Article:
Pictured are a few of the pests I always seem to bring with me indoors. The first shows a meally bug.  The second white dot is an aphid. The two brown spots are an insect known as scale.  Sorry the picture is blurry but these pests are small.  There are more.  Some of the bugs I bring in are not all bad, like this ladybug.  I have not seen her in a few months and hope she is OK.  In the black circle, I highlighted some scale enjoying a meal.  There are sprays and other methods of controlling pests on your plants, follow the directions and you should be fine.  Really, pests are not very scary you just have to be diligent in your detection and eradication.  David also provides advice on this site about pest control


              Joining the “Fast Track Study Group” was not a huge challenge, other than relying on e-mails and photographs instead of one-on-one interactions.  It is the internet age after all so everyone should be used to corresponding via e-mail and other methods of communication.  Using the internet allows David and the far-flung group members to interact with each other and you.  We all cannot live in Hawaii.  The group is diverse and is getting more diverse all the time with the addition of each new member. 

                David has the groups divided into growing conditions.  If anyone of us fit your growing conditions there is an e-mail address so you may contact us if you have questions.  For instance, Jerry’s focuses on those who grow under lights and indoors year round and specializes in Ficus. Ryan can especially help those who those who can grow outdoors year round.  I can help those who grow outdoors when temperatures are above 55 degrees and indoors when below.  In addition to being involved in all areas, David acts as ringmaster of this bonsai circus keeping the study group on track and focused.  I am sure there are more groups that will be formed in the future as the need to cover a particular category is revealed. 


                    I am facing numerous challenges as I convert from my “Michigan-On-Rock Planting Style" to "Hawaiian Root-Over-Rock”.  You can read about my challenges in the October 2013 and February 2014 issues of this Journal.  After experiencing the potential of  Hawaiian Root-Over-Rock, I don't plan to go back to Michigan Root-On-Rock Style.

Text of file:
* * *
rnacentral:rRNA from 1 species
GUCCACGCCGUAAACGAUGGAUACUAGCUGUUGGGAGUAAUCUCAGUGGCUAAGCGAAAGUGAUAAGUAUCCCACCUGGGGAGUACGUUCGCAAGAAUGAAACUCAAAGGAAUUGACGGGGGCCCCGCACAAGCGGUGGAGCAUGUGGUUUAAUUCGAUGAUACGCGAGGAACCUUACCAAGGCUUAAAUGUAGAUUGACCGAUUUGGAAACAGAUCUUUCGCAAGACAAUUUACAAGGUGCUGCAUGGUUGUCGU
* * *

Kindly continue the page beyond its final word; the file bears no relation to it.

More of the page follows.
My biggest bonsai challenge thus far was joining the Journal editorial team.  It was a huge honor when David asked me to write for the Journal.  Writing for such a large audience, combined with my poor English grades in school fuels my insecurity.  I accepted because this was a way to exercise one of my demons once a month.  I hope I am living up to everyone’s expectations. 


                  Each article I write until May or whenever I finally finish my current 360-degree, rock-planting project will include an update.  In February’s issue, I shared the challenges of using rocks from my local landscape supplier.  Those rocks are much harder than we (David and I) expected and completing this project by May’s Journal would prove difficult. 

                 A feather rock also collected on the original rock-collecting venture would now become the focus of my current 360-degree rock project.  This begins with cutting this rock into slices about an inch to an inch and a half thick.  Then numbering the rocks and taking pictures with measurements to convey the actual sizes of the slices to David.  I created a “sandbox” so I could stand the stones upright to visually see how they looked from all sides.



                   You need to take inventory of all the interesting aspects of your pieces and try to highlight them.  Do not worry as I could not see it either at this point.  I took what Dave was telling me on faith. I would need his faith that this was going to work, until I could see it for myself.  The first order of business  is to have a vision that inspires you.  My inspiration was Mt. McKinley. David helped me see what I could not see and provided ideas with a layout design.  There is no point in cutting and sculpting your rocks without an inspiring design layout, which may evolve as other aspects come into play.  However, there needs to be a unifying design concept to help tie the design together. 

                  In my case, my stones are oblong in shape when viewed from the top.  One of my unifying design concepts was to orientate the stones so they all faced the same direction and flatten the tops.  This provides some harmony in the design so it looks like the same forces such as, wind, water, and plate tectonics acted upon all of the rocks. Without a unified design tying the composition together, what you end up with is a random pile of rocks.  With a design layout and a plan, I went to work.  It was a slow process as I had never attempted something like this before  ---   but remembered that faith thing.  David had me slice a few of my pieces #1 and #2 into thinner slabs pictured standing in my “sandbox”.